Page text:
Occult

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Occult method of communicating with the spirit world, this group consults the dead through a ouija board, which moves from letter to letter to spell out words. Fortean Picture Library.

Occult

(religion, spiritualism, and occult)

The word occult means "to hide from view" or "to conceal." Occult practices are those that claim to deal, in a secret or hidden manner, with supernatural forces or agencies. In the religious sense, "the occult" is usually applied to those secret rituals that attempt to worship, serve, or invoke the power of a devil or demonic figures.

This large and vague description, fitting a host of undefined but almost superstitiously feared practices, is revealing. Those who practice traditional, established religion tend to use the word "occult" whenever faced with describing something they don't understand, fear greatly, or wish to condemn.

Mary is dealing in the occult. Tom joined a Satan-worshiping group. Mike's son is hooked on the Dungeons and Dragons board game. Susan plays with Ouija boards. Voodoo and tarot cards deal in the occult. The implication is that the occult is evil, devil-worshiping, and demonically controlled. Unspeakable evils go on in dark places. Illicit sex with captured virgins is somehow implied, and black magic lurks at the center. The occult is always thought to be weaker than God but stronger than the power of one's own religious friends. Occultism, unproved but accepted as real, is viewed as an attempt to sell one's soul to the devil and bend supernatural powers to human control.

Perhaps the word's strongest power resides in the human tendency to keep mysteries in the dark by never examining them. At various times the secret rituals of the Masonic organization, the practice of being "slain in the spirit" in the Pentecostal Church down the street, and the mysterious rites of the Catholic Church have been all that are needed to accuse those organizations of practicing the occult.

The reality is that few people have ever experienced a real, dark occultic ritual, except in the movies. But the practice of using the word—covering the unknown in a veil of secrecy—leaves occultism in the dark. And, as with most fear-inducing things, the dark is where it is most powerful. In the light of day, the occult seems to disappear. Indeed, the most potent weapon of those who claim to practice occultism is secrecy itself.

Occult

(religion, spiritualism, and occult)

That which is hidden, secret, or esoteric. Occultism is the study of the occult—of psychic phenomena and supernormal influences, magic, and divination. The word is from the Latin occulere, meaning "to conceal."

O D I N see WODEN

Occult; Occultism

(religion, spiritualism, and occult)

“Occult” is from the Latin occulere, “to conceal.” It is that which is concealed or hidden, in the sense of keeping secret. It is something which is hidden behind external appearances and must be studied in order to be revealed. It is usually associated with the mystical and the magical and therefore is a part of Initiation. To some the word occult has a sinister inference, probably stemming from fear of the unknown.

According to Shepard, “Occultism is a philosophical system of theories and practices on, and for the attainment of, the higher powers of mind and spirit. Its practical side connects with psychical phenomena.”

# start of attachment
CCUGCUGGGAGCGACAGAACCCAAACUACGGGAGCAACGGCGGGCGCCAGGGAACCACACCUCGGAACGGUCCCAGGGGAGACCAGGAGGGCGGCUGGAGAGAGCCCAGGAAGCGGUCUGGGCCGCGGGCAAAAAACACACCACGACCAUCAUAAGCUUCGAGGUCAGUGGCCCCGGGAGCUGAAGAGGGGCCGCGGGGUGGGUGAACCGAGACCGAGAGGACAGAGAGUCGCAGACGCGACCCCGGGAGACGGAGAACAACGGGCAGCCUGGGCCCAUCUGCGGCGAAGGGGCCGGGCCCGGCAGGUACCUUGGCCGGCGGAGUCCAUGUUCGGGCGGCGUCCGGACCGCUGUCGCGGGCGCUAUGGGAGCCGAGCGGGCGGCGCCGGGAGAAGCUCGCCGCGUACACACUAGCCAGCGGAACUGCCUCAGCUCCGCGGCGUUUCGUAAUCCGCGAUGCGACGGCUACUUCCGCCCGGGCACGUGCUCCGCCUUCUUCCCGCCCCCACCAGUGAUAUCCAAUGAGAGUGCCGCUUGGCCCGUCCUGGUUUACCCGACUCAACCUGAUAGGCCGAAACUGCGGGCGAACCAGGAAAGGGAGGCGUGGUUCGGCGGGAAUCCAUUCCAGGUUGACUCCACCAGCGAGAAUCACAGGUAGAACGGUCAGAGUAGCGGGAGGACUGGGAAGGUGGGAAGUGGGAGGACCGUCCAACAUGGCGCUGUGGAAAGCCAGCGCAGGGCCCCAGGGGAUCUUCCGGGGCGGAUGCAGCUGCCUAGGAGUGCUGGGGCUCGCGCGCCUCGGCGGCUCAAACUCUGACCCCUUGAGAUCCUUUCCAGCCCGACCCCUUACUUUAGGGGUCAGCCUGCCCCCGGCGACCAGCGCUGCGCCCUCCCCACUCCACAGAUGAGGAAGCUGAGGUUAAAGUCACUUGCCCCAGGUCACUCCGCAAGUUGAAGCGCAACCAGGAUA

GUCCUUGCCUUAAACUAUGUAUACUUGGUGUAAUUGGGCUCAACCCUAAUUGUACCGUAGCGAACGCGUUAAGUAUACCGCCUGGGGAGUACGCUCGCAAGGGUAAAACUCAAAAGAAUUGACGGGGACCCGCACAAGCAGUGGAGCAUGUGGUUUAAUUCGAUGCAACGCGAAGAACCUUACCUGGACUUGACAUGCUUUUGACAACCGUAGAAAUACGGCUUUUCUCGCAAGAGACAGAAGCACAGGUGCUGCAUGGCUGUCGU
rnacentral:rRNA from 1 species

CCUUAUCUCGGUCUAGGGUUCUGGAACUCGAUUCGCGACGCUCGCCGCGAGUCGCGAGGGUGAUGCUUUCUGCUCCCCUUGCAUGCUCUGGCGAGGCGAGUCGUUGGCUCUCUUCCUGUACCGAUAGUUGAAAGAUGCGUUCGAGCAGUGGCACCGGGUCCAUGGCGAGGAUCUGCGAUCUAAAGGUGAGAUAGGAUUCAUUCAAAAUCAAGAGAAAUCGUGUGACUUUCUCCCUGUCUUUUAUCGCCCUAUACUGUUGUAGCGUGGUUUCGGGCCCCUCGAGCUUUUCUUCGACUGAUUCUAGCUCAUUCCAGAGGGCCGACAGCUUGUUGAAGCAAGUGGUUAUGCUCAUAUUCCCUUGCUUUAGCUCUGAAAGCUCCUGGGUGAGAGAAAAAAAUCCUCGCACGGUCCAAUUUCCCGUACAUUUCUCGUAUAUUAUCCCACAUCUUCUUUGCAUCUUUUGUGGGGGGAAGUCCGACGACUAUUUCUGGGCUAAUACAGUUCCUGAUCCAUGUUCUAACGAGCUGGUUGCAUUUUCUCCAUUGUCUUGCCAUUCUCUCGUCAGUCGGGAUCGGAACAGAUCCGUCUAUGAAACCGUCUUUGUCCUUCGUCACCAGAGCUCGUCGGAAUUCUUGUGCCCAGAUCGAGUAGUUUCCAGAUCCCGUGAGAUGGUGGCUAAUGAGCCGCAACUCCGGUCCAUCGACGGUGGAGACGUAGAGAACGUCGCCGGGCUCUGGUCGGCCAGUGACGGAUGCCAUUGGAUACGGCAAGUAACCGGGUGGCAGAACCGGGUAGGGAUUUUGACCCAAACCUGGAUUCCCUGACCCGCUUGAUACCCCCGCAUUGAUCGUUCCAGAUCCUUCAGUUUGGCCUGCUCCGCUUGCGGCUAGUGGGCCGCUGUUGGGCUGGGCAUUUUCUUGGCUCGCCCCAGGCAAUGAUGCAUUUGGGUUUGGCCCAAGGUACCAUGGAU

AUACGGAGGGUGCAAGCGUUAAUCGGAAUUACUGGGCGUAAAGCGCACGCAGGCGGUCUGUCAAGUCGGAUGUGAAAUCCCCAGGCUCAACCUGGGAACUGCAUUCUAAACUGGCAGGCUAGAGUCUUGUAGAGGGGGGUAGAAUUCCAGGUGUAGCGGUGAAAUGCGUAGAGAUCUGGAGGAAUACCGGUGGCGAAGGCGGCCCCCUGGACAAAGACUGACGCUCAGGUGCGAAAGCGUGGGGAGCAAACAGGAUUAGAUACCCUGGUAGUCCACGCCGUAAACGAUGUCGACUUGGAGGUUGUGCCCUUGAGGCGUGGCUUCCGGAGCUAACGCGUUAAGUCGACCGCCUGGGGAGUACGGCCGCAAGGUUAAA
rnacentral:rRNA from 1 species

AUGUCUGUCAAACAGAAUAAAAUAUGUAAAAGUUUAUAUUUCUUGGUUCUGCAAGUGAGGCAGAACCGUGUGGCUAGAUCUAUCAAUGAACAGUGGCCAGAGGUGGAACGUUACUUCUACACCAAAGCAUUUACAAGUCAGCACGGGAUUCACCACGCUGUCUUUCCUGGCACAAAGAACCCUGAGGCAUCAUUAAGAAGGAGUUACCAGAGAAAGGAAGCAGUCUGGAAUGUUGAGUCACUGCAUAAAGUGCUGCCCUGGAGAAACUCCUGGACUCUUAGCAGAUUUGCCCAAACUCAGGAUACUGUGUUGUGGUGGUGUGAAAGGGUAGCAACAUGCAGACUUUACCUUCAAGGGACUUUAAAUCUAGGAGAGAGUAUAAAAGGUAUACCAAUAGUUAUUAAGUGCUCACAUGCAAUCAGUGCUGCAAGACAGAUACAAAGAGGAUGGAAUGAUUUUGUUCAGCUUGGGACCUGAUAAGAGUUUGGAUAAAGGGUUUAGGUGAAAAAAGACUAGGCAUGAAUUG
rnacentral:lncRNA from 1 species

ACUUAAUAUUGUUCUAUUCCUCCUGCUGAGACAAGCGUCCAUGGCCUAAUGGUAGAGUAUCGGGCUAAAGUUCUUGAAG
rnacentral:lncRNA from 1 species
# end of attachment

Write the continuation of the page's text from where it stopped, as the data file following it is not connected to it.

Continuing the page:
Sources:

Bletzer, June G.: The Encyclopedia Psychic Dictionary. Lithia Springs: New Leaf, 1998
Shepard, Leslie A: Encyclopedia of Occultism & Parapsychology. New York: Avon Books, 1978

Occult

(dreams)

In the same way in which the term New Age came to have negative associations after the wave of media attention it received in the late 1980s, the term occult acquired negative connotations after a similar wave of media coverage in the 1970s. Occultism calls to mind images of robed figures conducting arcane rituals for socially undesirable ends. Occult comes from a root word meaning “hidden” and originally referred to a body of esoteric beliefs and practices that were in some sense “hidden” from the average person (e.g., practices and knowledge that remain inaccessible until after an initiation). The term occult also refers to practices dealing with energies that are normally imperceptible and thus hidden from the ordinary person (e.g., magical and astrological forces).

Certain aspects of dreams and dream practices have often been associated with occultism. For example, the practice of astral projection, during which the spiritual body is “projected” outside the physical body during a trancelike state, has been thought of as a kind of dream experience. There are also certain esoteric practices of lucid dreaming in both Western and Eastern occultism. Finally, there are various approaches to the esoteric interpretation of dreams (e.g., certain Sufi practices) that are “occult” in some sense.

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Its aim, Williamson later claimed, was to convince occultists in the German High Command that witches and warlocks in this country were working to thwart them.
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But the topic is important because one of the prominent physicians in Conrad's career, Professor Joseph Grasset of the University of Montpellier, was not only a highly respected expert in nervous disorders but was also an occultist, who published on the topic shortly before he treated Borys Conrad in the spring of 1907.
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